As I was reading through the rant on why your previous developer was terrible, I kept nodding my head in agreement. It’s all true.
It’s what I call the “curse of the present.” When you, as a developer, look at the choices used to build a particular application, you’re blown away at the poor decisions made at every turn. “Why, oh why, is this built with Rails when Node.js would be so much better?” or “how could the previous developer not have forseen that the database would need referential integrity when they chose MongoDB?” But what you may not realize is that you are seeing the application as it exists today. When the previous developer (or team) had to develop it, they had to deal with a LOT of unknowns. They had to make many decisions under a cloak of opacity. You are cursed with the knowledge of the present, so the system seems like a hackjob of bad decisions.
But as true as it is, it’s incomplete. It’s not only about the previous developer. It applies to pretty much all systems that you can access as a user. Things just constantly don’t make sense. And while there are many cases of a developer being inadequate, in many more cases IMHO what you are staring is a bunch of unknowns.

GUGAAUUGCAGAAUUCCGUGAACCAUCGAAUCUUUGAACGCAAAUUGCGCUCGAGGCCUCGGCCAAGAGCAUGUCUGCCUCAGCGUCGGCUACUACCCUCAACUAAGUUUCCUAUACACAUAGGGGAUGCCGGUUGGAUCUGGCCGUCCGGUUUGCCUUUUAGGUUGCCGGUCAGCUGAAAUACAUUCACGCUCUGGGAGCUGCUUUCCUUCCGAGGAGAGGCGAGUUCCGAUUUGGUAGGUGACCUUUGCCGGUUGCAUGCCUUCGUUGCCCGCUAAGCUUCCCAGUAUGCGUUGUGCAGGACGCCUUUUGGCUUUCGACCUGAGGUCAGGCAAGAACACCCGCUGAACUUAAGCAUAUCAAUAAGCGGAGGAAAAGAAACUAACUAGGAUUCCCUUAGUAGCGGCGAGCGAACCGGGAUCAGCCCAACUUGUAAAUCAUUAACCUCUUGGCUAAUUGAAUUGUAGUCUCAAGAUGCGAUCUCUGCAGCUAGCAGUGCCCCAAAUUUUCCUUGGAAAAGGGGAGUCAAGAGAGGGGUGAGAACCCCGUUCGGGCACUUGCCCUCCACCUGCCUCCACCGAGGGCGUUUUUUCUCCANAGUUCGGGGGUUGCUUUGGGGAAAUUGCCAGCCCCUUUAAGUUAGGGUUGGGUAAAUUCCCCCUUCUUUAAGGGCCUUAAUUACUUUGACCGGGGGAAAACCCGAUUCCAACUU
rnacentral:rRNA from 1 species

It is easy to assume that the guy who did this (this being anything at all) is just a stupid idiot. But that’s only because you don’t know or care. Who’s decision was it? You might think it was a developer, when in fact it was a clueless boss. Or maybe this was the most feasible approach. Or maybe it was the only possible one at the time. How much resources were allocated for this development? Anybody can do better you say, but could they be as good in 15 minutes only – cause that’s how much time was given. Do you know which technology was used and why? These are usually very transparent.
It’s easy to judge without knowing. And I guarantee you that any system can appear terrible if you stare at it long enough. But who needs all this negative energy? Nobody. Look around, try to understand, try to improve the system and learn something new in the process, and the world will surely become a better place.